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The Hispanic Professionals Networking Groups seeks to increase the visibility of Hispanic business professionals by fostering a great unity through networking opportunities. NEW YORK * MIAMI

Wednesday, March 06, 2013

Networking in the Healthcare Sector

Networking in the Healthcare Sector
by Eve Pearce for HPNG

Latinos have been gaining a foothold in just about every business industry out there, reflecting the growth of the population of the United States in terms of diversity. Though there are plenty of industries out to support general organizations, there are still plenty that focus now on issues that Latinos find most important, including health care.

For those looking for somewhere in the health industry to network, there are two top establishments to consider: the National Association of Hispanic Nurses and the National Hispanic Medical Association.

Founded by Ildaura Murillo-Rohde, the National Association of Hispanic Nurses came to be in the year 1975. In the prior year, several Hispanic members of the American Nurses Association met with the group at a convention in New Jersey with the hope of establishing a Hispanic Caucus.

The company was later renamed to be the National Association of Hispanic Nurses (http://www.nahnnet.org/NAHNMembership.html) later on in the year 1979. Since then, the association has grown, launching the Hispanic Health Care International publication.

The National Hispanic Medical Association was established in DC in 1994 as a non-profit organization defending Hispanic physicians across the United States. The association is dedicated to giving such physicians the ability to become leaders while improving health with Hispanics. The association's vision is to become a leader.

Reasons to Network in the Health Care Industry

There are plenty of benefits to working in the health care industry, regardless of whether or not the applicant is Hispanic and regardless of what role the applicant aims for. With this in mind, it is important to know all the different benefits to gain before networking within the industry and reaping those benefits. In here, each facet will be discussed in proper detail.

Good Money: No matter what one says, there are plenty of positives when it comes to comparing the majority of health care specialist roles in comparison to those in the national average. The national average in the United States as far as salary is concerned is $42,979, and the average specialist in the private practice of the health industry is somewhere around $168,550 -- four times as high. Even having a general role in nursing can offer more than this average.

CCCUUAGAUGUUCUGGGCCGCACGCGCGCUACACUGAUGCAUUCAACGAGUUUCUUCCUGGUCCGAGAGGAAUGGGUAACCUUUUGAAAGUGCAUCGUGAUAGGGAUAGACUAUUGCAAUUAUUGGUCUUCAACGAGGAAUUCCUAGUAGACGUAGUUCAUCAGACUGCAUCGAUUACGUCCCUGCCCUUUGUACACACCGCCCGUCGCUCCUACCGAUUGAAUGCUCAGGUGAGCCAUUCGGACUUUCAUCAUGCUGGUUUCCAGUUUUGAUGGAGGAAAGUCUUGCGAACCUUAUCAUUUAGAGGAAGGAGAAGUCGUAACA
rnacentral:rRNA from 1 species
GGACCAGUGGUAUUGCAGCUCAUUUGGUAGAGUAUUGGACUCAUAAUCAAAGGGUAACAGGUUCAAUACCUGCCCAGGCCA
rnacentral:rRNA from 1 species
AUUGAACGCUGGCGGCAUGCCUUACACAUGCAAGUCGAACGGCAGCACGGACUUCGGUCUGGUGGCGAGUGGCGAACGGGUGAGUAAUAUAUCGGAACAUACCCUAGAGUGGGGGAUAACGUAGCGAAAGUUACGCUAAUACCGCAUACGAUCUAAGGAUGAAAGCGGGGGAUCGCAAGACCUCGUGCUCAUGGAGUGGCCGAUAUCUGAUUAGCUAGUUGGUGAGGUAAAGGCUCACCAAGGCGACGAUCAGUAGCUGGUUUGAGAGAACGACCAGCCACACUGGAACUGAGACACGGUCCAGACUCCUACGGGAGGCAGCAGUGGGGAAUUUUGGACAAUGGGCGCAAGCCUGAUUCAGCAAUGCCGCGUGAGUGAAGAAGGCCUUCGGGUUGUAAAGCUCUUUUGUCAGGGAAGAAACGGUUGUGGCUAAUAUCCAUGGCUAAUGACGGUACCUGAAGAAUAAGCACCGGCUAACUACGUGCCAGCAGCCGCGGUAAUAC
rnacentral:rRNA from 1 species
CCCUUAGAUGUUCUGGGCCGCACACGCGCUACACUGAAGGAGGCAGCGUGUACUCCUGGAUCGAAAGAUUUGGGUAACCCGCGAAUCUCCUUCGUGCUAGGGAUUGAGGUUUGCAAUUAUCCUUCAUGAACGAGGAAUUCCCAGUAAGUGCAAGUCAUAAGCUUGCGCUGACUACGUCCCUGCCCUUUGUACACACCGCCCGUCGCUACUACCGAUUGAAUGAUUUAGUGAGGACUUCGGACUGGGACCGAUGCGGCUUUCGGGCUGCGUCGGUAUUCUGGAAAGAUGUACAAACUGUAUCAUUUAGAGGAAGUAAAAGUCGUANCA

Security: Even with the recession being so high, there has only been an increase with it comes to jobs in health care. When it comes to health care, job security is naturally much better than any other role since it is difficult to find someone who has the same kind of education and experience that can handle the role that would need to be filled again.

Education: Those who opt to get a job in the health care industry can still continue to improve what one knows about the job. There are plenty of employees in health care who can still receive education and further training without having to pay any extra for the lessons, which is a major benefit due to the expense it would otherwise bring. Because of this, it is far worth the effort to get this kind of thing for free. For those undergoing training in the sector then finding useful medical resources (http://www.kwikmed.org/20-medical-student-medical-education-sites/) to help their studies is vital. Having a bank of informative and useful contacts can make all the difference to medical students (http://www.utexas.edu/nursing/hnsa/) seeking support as they progress on their study program. That said continuing education is just as important when embarking on a career in the health sector as it is to maintain your knowledge and training.

Shift Work: There are plenty of roles within the industry of health care that allow employees to work in shifts. This is definitely a benefit for someone who is not capable of working the usual 9 to 5 jobs that most industries offer. For instance, Latinos who work in a hospital may often swap shifts; more often than not, the bosses in the industry will generally not care if the staff members want to swap shifts as long as it does not affect how many people there are in each shift.

Benefits: It should go without saying that those who work in the health care industry can receive good vacation pay, good health insurance, good sick pay and very good plans for pension -- but what else could one expect working in health care?

Those who are looking for a career in radiology, as a medical officer or as a general practitioner can expect these benefits. However, it is important to ensure one is moving into the right career for that individual.

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